There are a handful of situations at work that don’t need phones or don’t benefit from them. They’re few, but they’re worth talking about.
If there’s one thing that phones (or an internet connection) don’t help, it’s creativity. Whether you’re coming up with mind maps, playing word games, or doing some role play, phones don’t really contribute to creativity in the room. In fact, this has been studied. Creativity needs boredom and focus (amongst other things), and phones are machines built to slay boredom and interrupt focus. So, when planning a brainstorming session, leave your phone behind.
Lunch with colleagues, clients, and bosses mix business talk with more informal chat. It’s useful to get some stuff done while doing the get-to-know-each-other dance that improves networks. Phones aren’t a great addition to this mix. There’s already a prop to busy yourself with—i.e., the food. You can change gears between business talk and more informal stuff. A phone is both a distraction and a little rude to the person you’re supposed to be speaking with. If you’re eating with a group of phone-addicted colleagues, consider making a phone stack. That is, everyone stacks their phones on the table and the first one to answer a notification pays for the meal. If everyone makes it though before the end of the meal, everyone pays their own way.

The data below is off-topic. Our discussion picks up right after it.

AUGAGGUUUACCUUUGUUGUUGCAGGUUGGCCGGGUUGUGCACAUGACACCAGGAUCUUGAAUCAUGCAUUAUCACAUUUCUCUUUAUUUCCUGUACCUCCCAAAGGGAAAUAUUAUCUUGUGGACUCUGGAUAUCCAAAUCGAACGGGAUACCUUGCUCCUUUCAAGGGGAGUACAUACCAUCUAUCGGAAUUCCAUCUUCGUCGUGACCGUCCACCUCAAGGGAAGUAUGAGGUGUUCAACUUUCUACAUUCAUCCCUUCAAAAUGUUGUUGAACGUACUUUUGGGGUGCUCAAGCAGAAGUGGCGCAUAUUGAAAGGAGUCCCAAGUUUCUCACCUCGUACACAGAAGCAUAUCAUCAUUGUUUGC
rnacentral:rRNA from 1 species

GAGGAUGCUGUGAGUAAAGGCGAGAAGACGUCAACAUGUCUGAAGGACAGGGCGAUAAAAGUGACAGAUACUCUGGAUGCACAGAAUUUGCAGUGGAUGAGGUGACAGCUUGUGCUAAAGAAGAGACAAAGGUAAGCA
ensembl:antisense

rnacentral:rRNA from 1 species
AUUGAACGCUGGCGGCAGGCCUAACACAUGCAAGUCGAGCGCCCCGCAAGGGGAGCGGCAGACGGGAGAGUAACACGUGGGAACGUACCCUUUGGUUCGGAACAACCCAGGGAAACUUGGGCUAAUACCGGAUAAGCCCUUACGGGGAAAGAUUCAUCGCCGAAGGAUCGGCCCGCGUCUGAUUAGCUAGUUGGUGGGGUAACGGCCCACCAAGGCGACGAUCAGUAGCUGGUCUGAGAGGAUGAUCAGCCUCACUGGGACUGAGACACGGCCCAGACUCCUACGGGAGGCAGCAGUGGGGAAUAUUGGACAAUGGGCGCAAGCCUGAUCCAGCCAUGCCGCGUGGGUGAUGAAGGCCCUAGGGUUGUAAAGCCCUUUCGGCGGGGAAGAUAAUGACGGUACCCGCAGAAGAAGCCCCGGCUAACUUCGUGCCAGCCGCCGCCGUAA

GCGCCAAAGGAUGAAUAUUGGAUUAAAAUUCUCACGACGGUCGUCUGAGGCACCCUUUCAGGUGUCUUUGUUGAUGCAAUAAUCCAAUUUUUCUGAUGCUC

Some topics are sensitive. Discussions about pay, future employment, or anything that demands the presence of HR probably won’t benefit from the presence of a phone. For one thing, you never want to give even the slightest hint that someone talking about something sensitive is being recorded. For another, sensitive topics demand the full attention of everyone in the room. Put your smartphone away and silence your desk phone at the start of a sensitive conversation.
Even if the presentation you’re watching is boring, uninformative, running far longer than it should, or otherwise a waste of your time, don’t give into temptation and start playing with your phone. Not only is it rude to the presenter, but others in the room may judge you for your actions. Here’s a tip: with a pen and a small notepad, you can take notes. This will make you less bored and still look good to others in the room.
Unless someone is dialling into you meeting remotely, there probably isn’t a good reason to bring your phone to a meeting. It’s important to fully engage with the meeting’s subject. If you or others are using phones, then you either aren’t fully focused or the meeting isn’t as well organized as it should be.
Of course, there’s a major exception to all of these situations. If you’re waiting for specific, important news, like test results from a doctor or confirmation that your child’s has arrived safely at their grandparents after a cross-country flight, let your colleagues know that you’re expecting an important call and that you may be interrupted. Things that don’t approach this level of importance probably don’t merit the interruption.